JD Kirk lives in the Highlands of Scotland with his wife, two children, and a number of sturdy umbrellas. Despite writing from a young age, ‘A Litter of Bones’ is his first novel, and combines his love of the Highlands, crime thrillers, and cats.
Was the biggest case of his career the worst mistake he ever made?
Ten years ago, DCI Jack Logan stopped the serial child-killer dubbed ‘Mister Whisper,’ earning himself a commendation, a drinking problem, and a broken marriage in the process.
Now, he spends his days working in Glasgow’s Major Incident Team, and his nights reliving the horrors of what he saw.
And what he did.
When another child disappears a hundred miles north in the Highlands, Jack is sent to lead the investigation and bring the boy home.
But as similarities between the two cases grow, could it be that Jack caught the wrong man all those years ago?
And, if so, is the real Mister Whisper about to claim his fourth victim?
1. How did you get started writing?
I’ve been writing pretty much for as long as I remember. I used to fill notebooks with short stories and comics, most of them insanely violent and full of gore. ‘Disembowelled’ was my favourite word for a while, and not a story would go by without at least one character having their bowels forcibly removed by something sharp and pointy.
I was nine years old when I decided that I wanted to do it as a career. We’d just done a project in school on Roald Dahl, and that was the first time I found out that being an author was an actual job. I’d written stories all the time for my own amusement before then, so when I found out that I could make ACTUAL MONEY from doing what I loved, I just knew that’s what I wanted to do.
2. What drew you to write a novel
I actually started off by writing screenplays. I wanted to write big cinematic movies that would play in the cinema for a while, then I realised that it was VERY difficult to get something like that made, so then I started writing much smaller, low-budget screenplays. I had a few of those picked up by production companies, but even at the low-budget end of the spectrum, producers have to raise millions to get a movie off the ground, so none of them ever went into production.
I realised that it was much cheaper for a publisher to put out a book than it was for a studio to put out a movie, so I took some of the stories I had planned writing as film scripts and started adapting them into novels. I found I enjoyed the process of writing a novel far more than I liked writing screenplays, and so all my new ideas tended to be for the page, rather than the screen.
I think there’s something about being able to get inside a character’s head that really appeals to me in writing a novel. In a screenplay, you can only really write about what the audience can see and hear. In a novel, you can do anything, go anywhere, and show the thoughts of the characters. There’s also no special effects budget, so you’re only limited by your imagination.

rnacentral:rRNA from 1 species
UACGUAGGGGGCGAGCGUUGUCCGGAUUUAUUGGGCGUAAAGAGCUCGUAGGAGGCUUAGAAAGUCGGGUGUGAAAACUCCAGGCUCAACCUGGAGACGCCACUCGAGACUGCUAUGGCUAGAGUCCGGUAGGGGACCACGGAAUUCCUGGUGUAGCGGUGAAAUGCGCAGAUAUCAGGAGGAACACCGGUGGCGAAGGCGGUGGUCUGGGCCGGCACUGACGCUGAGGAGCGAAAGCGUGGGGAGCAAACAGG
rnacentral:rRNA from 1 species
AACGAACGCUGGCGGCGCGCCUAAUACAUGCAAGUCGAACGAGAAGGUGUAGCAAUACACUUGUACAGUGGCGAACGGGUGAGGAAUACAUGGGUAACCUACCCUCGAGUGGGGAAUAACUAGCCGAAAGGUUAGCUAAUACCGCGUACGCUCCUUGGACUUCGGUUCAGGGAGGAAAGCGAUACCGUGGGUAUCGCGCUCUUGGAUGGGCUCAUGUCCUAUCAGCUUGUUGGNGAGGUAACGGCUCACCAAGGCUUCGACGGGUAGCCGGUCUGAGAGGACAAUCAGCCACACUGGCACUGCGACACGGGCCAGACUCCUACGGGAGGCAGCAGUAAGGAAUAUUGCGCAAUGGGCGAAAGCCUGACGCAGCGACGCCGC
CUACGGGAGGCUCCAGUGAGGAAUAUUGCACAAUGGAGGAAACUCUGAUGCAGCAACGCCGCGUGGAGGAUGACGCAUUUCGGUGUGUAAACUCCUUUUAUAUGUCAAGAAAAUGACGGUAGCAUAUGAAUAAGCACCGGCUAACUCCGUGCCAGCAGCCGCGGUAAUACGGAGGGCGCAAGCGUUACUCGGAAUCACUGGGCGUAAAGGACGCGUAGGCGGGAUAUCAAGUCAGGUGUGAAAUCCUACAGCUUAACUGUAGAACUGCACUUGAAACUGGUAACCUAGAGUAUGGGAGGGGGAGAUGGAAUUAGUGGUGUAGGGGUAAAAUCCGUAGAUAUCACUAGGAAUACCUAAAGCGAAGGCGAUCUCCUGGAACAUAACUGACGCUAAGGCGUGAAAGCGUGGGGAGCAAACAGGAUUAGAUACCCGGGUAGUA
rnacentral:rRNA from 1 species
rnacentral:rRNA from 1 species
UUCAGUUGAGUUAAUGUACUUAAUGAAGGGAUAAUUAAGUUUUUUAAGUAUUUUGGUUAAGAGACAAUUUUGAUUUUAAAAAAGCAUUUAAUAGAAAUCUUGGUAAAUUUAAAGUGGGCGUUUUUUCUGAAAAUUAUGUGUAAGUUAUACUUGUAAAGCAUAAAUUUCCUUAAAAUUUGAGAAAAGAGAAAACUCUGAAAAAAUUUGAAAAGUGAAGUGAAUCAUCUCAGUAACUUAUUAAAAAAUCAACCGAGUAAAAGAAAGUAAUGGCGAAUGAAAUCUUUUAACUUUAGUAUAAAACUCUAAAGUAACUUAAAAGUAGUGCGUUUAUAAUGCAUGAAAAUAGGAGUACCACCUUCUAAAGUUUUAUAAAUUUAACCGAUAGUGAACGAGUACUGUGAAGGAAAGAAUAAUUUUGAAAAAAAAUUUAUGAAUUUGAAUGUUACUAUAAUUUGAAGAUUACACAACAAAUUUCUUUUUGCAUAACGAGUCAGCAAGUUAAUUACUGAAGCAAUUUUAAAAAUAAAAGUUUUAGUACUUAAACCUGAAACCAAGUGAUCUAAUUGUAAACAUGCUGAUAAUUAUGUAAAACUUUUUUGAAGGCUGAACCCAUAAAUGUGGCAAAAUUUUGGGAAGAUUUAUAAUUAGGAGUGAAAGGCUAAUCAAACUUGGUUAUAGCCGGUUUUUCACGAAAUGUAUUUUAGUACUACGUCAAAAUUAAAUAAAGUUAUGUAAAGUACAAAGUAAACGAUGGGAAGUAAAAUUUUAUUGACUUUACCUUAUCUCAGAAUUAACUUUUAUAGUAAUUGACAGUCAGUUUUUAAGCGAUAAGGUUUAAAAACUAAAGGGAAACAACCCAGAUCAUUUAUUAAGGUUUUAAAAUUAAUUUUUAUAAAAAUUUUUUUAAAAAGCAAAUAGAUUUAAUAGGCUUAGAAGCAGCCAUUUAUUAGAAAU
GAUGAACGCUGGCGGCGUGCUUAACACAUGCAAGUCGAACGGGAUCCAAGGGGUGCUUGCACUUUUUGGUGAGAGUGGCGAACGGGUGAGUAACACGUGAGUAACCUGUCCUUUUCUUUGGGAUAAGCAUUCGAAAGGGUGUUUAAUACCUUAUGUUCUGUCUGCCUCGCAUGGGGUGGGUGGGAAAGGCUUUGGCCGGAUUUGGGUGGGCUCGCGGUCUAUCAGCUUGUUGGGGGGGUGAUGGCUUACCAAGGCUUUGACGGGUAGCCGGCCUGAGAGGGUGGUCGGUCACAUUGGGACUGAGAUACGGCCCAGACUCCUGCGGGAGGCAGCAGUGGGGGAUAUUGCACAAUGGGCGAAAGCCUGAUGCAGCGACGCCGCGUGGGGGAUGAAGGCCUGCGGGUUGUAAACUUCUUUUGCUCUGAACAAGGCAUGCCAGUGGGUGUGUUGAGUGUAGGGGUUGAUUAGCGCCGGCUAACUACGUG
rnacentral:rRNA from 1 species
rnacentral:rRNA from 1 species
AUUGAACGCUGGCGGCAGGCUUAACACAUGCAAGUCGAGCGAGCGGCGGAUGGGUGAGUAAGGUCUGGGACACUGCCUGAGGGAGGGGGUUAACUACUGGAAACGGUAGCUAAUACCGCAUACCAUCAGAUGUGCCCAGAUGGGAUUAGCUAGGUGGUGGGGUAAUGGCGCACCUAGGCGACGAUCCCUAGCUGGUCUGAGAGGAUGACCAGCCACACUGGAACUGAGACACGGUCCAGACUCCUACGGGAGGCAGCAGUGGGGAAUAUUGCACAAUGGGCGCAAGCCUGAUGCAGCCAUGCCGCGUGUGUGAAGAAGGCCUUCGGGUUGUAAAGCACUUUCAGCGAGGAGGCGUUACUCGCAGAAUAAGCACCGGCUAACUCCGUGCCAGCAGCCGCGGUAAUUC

3. Which writers past or present have influenced your style of writing?
I don’t think it was any one writer, but more a big amalgamation of all the thousands of books I read growing up, and through my teenage years. After I discovered my local library, I’d go through three or four books a week. I always went against popular advice, and very much judged books by their covers. If the cover grabbed me, I’d have a go, often not paying attention to the author or title.
I tend to gravitate towards anything with humour in it, no matter the genre. I’m not saying everything has to be comedy, but I tend to get through life by laughing and joking, even during the darkest times, and I like a book to reflect that. I think Chris Brookmyre is a great example of that. Often very dark plots, but with a rich seam of humour running through them that just lifts the stories to another level.
4. When you first started writing did you find it hard to get publisher interest?
I think what gave me an advantage is that I wrote every day for about twenty years before I submitted a single novel to a publisher. It wasn’t that I didn’t think the earlier stuff was good enough (although, in hindsight, it probably wasn’t). It was that I enjoyed the writing process so much I didn’t want to get bogged down with the submission process.
When I finally decided to submit a novel I’d written to an agent, she signed me up pretty quickly. She then submitted the book to HarperCollins Children’s Books (it was a horror novel for 9-12 year olds) and they came back soon after to ask if I’d write a series of six. There were no rejections at all, as far as I can recall. I put it down to all those years of practice!
5. There are many interesting characters in your Novel, do you have a particular favourite one?
I enjoyed writing all the characters, and wanted to make sure they were all fleshed out with their own goals, ambitions, flaws, etc. As such, I like pretty much all of them – even the villainous characters – but DCI Jack Logan has to be my favourite. He’s often rude, sometimes harsh, but has that streak of humour running through him like I mentioned earlier.
He’s tormented by things that have happened to him in the past, and things he has done, but he also genuinely cares about people. He just sometimes shows it in a funny way…
6. What kind of research have you have to undertake for your Novel?